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Michigan State Agricultural College

BY PRESIDENT ABBOT

There were to be two terms of study a year, the first term from the first •Wednesday of April to the last Wednesday in October; the second term from the first Wednesdav in December to the last Wednesday in February; Students were to labor daily, and during the first term of each year, not less than three nor more than four hours a day, and none were to be "exempt from such labor except in case of sickness or other infirmity. "
The secretary was to keep a full record of improvements and experiments, and of the crops of each field. Tuition was to be free to citizens of the State.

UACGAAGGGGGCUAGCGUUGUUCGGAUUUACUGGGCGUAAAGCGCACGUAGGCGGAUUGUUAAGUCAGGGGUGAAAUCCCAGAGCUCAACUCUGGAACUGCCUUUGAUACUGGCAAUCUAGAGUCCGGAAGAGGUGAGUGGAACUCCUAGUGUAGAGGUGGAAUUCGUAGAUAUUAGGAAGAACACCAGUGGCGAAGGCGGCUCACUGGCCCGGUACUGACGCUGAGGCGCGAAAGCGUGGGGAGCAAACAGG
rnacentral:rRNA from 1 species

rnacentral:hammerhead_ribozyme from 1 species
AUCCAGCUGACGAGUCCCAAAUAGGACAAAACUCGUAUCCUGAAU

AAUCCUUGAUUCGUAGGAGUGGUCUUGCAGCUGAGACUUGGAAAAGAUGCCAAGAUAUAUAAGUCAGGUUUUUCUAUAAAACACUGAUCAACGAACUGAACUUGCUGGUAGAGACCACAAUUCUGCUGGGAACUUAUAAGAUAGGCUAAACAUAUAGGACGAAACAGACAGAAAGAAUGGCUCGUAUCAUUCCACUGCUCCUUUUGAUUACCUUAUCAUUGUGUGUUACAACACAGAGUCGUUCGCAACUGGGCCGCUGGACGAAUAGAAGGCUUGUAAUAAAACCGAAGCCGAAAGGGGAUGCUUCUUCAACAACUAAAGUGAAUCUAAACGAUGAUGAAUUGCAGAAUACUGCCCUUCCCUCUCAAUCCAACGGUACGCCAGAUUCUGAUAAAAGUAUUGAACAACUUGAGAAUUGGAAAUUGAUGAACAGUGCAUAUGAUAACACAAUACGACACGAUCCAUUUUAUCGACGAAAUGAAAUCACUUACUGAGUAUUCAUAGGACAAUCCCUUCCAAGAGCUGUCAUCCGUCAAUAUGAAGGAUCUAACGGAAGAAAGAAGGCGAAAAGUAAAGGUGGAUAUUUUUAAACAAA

INAUGURATION
On the 16th of June, 1857, the Governor and several officers of the State government, the officers elect of the institution, and a large concourse of citizens from various parts of the State, and some sixty-one students (increased to ninety-seven before the close of the term) ready to form the first class being gathered, the college was formally dedicated by the board of education to the purposes for which it was designed. The Hon. H. L. Miller, president of the board, first made a few remarks. He closed with saying, "I deem it peculiarly appropriate to recognize the guardianship of that one great Being, who is before all human powers. " Rev. George Willard, member of the board, then read the third chapter of Proverbs; prayer was offered, and the Hon. John R. Kellogg, the senior member of the board, then delivered, in an appropriate speech, the institution and farm into the charge of the president and faculty, who had been previously chosen.

Michigan State


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